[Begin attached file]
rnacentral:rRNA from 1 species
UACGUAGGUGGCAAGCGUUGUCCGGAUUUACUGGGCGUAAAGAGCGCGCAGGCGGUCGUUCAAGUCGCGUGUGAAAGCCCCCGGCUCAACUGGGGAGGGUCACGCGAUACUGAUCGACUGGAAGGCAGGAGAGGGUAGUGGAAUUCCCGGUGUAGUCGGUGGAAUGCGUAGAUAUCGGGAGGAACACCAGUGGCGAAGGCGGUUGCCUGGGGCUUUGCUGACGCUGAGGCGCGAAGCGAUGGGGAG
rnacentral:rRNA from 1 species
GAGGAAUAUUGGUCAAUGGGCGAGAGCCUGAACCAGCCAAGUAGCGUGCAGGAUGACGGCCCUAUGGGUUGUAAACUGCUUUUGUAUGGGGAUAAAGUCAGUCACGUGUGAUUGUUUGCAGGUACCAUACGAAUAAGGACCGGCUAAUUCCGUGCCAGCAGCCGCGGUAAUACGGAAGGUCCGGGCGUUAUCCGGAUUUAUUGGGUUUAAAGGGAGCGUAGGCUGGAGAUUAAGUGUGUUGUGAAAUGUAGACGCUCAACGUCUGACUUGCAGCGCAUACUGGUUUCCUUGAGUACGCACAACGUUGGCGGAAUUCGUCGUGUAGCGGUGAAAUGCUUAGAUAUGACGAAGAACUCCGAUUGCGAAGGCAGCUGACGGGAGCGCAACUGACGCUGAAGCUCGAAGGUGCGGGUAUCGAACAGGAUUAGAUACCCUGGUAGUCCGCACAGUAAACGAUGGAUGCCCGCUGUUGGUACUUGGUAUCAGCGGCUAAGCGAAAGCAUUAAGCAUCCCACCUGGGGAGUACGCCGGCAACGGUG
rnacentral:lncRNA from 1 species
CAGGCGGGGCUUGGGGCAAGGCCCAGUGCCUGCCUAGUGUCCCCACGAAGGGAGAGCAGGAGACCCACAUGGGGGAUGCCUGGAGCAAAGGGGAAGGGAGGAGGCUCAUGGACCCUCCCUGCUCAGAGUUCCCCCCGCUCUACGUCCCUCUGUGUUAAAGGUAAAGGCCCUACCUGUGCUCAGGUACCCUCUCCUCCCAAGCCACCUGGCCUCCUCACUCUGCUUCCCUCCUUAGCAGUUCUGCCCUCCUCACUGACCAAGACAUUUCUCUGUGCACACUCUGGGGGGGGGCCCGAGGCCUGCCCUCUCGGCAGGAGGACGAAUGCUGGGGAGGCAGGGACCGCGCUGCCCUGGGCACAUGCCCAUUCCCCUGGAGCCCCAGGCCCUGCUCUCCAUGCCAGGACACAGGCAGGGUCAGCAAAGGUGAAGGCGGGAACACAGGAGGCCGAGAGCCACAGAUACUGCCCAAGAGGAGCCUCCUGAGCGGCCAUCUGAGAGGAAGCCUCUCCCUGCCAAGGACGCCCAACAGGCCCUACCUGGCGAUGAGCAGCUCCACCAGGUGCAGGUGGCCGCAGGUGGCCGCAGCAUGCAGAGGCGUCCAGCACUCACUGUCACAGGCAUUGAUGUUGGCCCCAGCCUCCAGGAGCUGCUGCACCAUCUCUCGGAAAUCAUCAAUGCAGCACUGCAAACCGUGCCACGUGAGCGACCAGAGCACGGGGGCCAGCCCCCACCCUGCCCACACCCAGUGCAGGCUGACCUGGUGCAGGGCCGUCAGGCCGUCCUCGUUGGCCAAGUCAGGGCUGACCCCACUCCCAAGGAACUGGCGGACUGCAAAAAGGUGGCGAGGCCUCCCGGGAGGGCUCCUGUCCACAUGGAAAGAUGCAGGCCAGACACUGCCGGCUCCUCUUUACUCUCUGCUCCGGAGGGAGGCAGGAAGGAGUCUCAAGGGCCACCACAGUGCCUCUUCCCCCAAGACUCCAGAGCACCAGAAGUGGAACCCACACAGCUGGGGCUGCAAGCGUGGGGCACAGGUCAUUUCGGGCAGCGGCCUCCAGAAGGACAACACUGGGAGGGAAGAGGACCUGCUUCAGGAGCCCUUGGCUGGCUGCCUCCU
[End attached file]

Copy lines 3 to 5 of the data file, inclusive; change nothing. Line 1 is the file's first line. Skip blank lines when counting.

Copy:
rnacentral:rRNA from 1 species
GAGGAAUAUUGGUCAAUGGGCGAGAGCCUGAACCAGCCAAGUAGCGUGCAGGAUGACGGCCCUAUGGGUUGUAAACUGCUUUUGUAUGGGGAUAAAGUCAGUCACGUGUGAUUGUUUGCAGGUACCAUACGAAUAAGGACCGGCUAAUUCCGUGCCAGCAGCCGCGGUAAUACGGAAGGUCCGGGCGUUAUCCGGAUUUAUUGGGUUUAAAGGGAGCGUAGGCUGGAGAUUAAGUGUGUUGUGAAAUGUAGACGCUCAACGUCUGACUUGCAGCGCAUACUGGUUUCCUUGAGUACGCACAACGUUGGCGGAAUUCGUCGUGUAGCGGUGAAAUGCUUAGAUAUGACGAAGAACUCCGAUUGCGAAGGCAGCUGACGGGAGCGCAACUGACGCUGAAGCUCGAAGGUGCGGGUAUCGAACAGGAUUAGAUACCCUGGUAGUCCGCACAGUAAACGAUGGAUGCCCGCUGUUGGUACUUGGUAUCAGCGGCUAAGCGAAAGCAUUAAGCAUCCCACCUGGGGAGUACGCCGGCAACGGUG
rnacentral:lncRNA from 1 species